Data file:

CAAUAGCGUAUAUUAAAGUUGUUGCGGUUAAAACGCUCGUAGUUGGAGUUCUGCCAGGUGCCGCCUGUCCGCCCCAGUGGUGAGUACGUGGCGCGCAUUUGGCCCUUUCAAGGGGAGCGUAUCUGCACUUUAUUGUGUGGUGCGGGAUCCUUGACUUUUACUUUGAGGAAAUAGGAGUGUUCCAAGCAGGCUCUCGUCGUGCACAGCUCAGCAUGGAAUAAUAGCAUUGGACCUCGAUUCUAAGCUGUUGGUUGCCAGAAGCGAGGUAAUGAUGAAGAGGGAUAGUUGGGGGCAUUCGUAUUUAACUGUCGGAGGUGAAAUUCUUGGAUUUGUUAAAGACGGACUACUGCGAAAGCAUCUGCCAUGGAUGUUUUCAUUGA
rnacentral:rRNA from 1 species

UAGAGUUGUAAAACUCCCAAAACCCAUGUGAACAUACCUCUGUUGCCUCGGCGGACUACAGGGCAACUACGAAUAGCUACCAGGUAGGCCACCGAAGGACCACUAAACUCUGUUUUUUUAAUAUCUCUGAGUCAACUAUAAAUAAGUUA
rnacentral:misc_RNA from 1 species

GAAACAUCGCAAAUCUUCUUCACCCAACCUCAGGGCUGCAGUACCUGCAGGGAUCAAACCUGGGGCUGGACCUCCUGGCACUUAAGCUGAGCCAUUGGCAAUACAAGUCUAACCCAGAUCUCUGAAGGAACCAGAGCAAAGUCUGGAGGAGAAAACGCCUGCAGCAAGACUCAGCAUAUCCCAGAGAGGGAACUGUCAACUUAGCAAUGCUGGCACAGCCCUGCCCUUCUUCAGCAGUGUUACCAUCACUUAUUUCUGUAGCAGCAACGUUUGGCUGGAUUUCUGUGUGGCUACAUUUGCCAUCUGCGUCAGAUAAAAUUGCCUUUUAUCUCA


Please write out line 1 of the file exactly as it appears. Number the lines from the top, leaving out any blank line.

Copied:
CAAUAGCGUAUAUUAAAGUUGUUGCGGUUAAAACGCUCGUAGUUGGAGUUCUGCCAGGUGCCGCCUGUCCGCCCCAGUGGUGAGUACGUGGCGCGCAUUUGGCCCUUUCAAGGGGAGCGUAUCUGCACUUUAUUGUGUGGUGCGGGAUCCUUGACUUUUACUUUGAGGAAAUAGGAGUGUUCCAAGCAGGCUCUCGUCGUGCACAGCUCAGCAUGGAAUAAUAGCAUUGGACCUCGAUUCUAAGCUGUUGGUUGCCAGAAGCGAGGUAAUGAUGAAGAGGGAUAGUUGGGGGCAUUCGUAUUUAACUGUCGGAGGUGAAAUUCUUGGAUUUGUUAAAGACGGACUACUGCGAAAGCAUCUGCCAUGGAUGUUUUCAUUGA